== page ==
Internal Alchemy Q&A
With Shawn Cartwright
We received a number of questions about Internal Alchemy as a result of the publication of our recent whitepaper Interpreting the Ancient Codes: Exploring the Classics of Taoist Alchemy, An Introduction to the Zhou Yi Can Tong Qi. We have consolidated them here for your convenience.
Q: What is Internal Alchemy?
A: Internal Alchemy or Nei Dan (內丹) is China’s most important contribution to the world. Internal Alchemy provides a set of principles and techniques for the sincere practitioner to transcend the mundane and realize perfection in this lifetime.
Stated classically, the Nei Dan practitioner transmutes the three treasures of the body, Jing (精) Qi (氣) and Shen (神) to reunite with the Dao (道). For this reason, Nei Dan is also sometimes called “Immortality Training.”
Many forms of Qigong (氣功), also called Nei Gong (內功) are influenced by Nei Dan. However, even if Nei Dan can be called the highest the form of Qigong, all Qigong is not Nei Dan. Qigong, however, can be very good preparation for beginning Nei Dan practice.
Q: What are the main parts of the Nei Dan teachings??
A: The Nei Dan teachings usually consist of three parts: 1) Dao (道), the great principles behind the work, 2) Fa (法), the actual methods or approach used by various schools, and 3) Shu (朮), the specific techniques of the practices.
Collectively, they serve as a guide to inform your understanding and practice. The Dao is usually available openly to anyone who is interested. The Methods are generally available to students, although occasionally certain methods are considered secrets. The Techniques are rarely written down and when they are, certain key parts are usually omitted, the so called “oral secrets.”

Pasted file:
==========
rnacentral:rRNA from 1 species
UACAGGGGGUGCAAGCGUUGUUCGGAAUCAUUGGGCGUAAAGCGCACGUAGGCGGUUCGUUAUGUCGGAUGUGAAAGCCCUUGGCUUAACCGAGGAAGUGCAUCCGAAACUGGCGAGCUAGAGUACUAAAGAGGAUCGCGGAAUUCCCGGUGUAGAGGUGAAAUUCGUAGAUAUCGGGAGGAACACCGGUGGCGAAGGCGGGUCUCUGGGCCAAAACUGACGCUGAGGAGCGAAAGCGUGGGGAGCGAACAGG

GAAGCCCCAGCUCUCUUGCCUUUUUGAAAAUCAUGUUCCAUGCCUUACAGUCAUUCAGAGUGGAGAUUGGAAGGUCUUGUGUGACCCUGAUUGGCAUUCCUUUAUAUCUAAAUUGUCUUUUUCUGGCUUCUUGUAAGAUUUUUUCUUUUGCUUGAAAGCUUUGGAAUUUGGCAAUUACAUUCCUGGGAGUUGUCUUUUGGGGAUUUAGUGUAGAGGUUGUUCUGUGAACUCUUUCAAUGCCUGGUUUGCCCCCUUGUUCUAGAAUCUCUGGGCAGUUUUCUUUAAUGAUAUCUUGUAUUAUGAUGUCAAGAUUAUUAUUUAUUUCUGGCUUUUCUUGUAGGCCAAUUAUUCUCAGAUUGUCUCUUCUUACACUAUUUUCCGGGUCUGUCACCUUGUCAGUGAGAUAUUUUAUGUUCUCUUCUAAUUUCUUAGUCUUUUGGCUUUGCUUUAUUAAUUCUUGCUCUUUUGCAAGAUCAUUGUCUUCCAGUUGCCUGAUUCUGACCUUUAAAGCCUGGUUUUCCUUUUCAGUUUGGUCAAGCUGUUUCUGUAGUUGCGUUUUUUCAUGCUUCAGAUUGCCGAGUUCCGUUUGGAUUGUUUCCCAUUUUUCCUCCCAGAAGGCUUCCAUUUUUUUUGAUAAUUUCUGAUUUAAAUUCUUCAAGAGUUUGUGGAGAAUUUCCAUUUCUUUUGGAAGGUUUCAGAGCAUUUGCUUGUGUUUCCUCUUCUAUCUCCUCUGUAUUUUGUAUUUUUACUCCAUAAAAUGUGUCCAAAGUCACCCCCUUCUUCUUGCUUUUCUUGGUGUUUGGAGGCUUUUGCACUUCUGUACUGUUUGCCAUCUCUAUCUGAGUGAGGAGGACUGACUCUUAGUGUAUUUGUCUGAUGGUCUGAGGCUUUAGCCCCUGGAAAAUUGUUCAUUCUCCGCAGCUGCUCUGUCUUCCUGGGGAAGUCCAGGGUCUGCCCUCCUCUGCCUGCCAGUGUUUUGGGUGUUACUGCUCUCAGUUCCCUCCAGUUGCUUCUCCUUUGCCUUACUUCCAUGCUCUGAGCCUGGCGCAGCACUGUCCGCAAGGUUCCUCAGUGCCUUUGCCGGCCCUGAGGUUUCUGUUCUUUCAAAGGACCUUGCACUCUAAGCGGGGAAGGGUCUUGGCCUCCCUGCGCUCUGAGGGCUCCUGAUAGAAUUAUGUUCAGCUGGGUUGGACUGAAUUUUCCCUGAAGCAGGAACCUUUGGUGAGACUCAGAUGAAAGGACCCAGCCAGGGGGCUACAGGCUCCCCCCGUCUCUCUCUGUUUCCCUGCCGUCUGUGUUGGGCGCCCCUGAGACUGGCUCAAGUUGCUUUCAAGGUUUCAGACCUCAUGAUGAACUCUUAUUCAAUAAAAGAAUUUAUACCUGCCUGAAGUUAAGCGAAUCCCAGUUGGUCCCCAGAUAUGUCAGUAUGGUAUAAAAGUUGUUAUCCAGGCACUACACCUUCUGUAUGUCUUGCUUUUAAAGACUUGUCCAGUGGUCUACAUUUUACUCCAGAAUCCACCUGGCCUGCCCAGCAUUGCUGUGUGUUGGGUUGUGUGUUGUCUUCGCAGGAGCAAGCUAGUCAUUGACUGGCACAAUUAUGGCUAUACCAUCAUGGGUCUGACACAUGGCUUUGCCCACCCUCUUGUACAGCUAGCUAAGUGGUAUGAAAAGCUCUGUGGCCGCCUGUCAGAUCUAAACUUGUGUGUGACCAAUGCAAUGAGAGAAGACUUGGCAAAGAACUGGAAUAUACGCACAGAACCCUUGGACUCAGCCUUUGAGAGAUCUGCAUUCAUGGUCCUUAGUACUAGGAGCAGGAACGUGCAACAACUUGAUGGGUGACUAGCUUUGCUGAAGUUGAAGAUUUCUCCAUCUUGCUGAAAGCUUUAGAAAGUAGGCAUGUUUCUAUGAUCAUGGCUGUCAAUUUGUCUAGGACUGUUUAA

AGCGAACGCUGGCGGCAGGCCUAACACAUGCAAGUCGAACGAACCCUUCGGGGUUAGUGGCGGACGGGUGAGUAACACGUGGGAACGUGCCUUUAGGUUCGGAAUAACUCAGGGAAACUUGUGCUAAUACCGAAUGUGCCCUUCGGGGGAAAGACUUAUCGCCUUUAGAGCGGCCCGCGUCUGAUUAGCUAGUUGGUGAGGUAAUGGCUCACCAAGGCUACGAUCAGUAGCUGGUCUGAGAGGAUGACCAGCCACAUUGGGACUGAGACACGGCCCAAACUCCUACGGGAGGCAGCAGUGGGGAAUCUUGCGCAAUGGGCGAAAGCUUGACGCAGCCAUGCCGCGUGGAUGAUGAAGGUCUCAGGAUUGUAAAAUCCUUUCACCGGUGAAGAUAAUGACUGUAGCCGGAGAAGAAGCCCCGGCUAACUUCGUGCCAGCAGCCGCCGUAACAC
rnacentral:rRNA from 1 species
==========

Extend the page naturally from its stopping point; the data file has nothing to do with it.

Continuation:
These teachings are organized into a series of stages with associated designations:
1. Building the Foundation: Human
2. Transmuting Jing to Qi: Ren Xian (Human Immortal)
3. Transmuting Qi to Shen: Di Xian (Earthly Immortal)
4. Refining Shen to Void: Shen Xian (Spirit Immortal)
5. Shattering the Void to Realize the Dao: Tian Xian (Celestial Immortal)
The number of stages may vary by teacher of tradition, but the overall progression is similar. In this model, the first three stages are called Cultivating Immortality (Xian Gong), the last two, Cultivating Dao (Dao Gong).
Q: What are the major schools of Nei Dan?
A: There are many different lineages of Nei Dan which are generally grouped in a few categories: The major Nei Dan schools include the Southern (南派, Nan Pai), Northern (北派, Bei Pai), Eastern (東派, Dong Pai), Western (西派, Xi Pai), Yin Xian (隱仙派) and the Yin-Yang (阴阳派).
Although the general principles utilized by the various schools and lineages are similar, there is often quite a bit of variation in the specific practices. This is because the specific techniques are often tailored to the needs of an individual student.
Q: Which Internal Alchemy school is the best?
Q: I don’t have a teacher, how do you start practicing Nei Dan?
A: The best way to start Nei Dan practice is, of course, to find a teacher.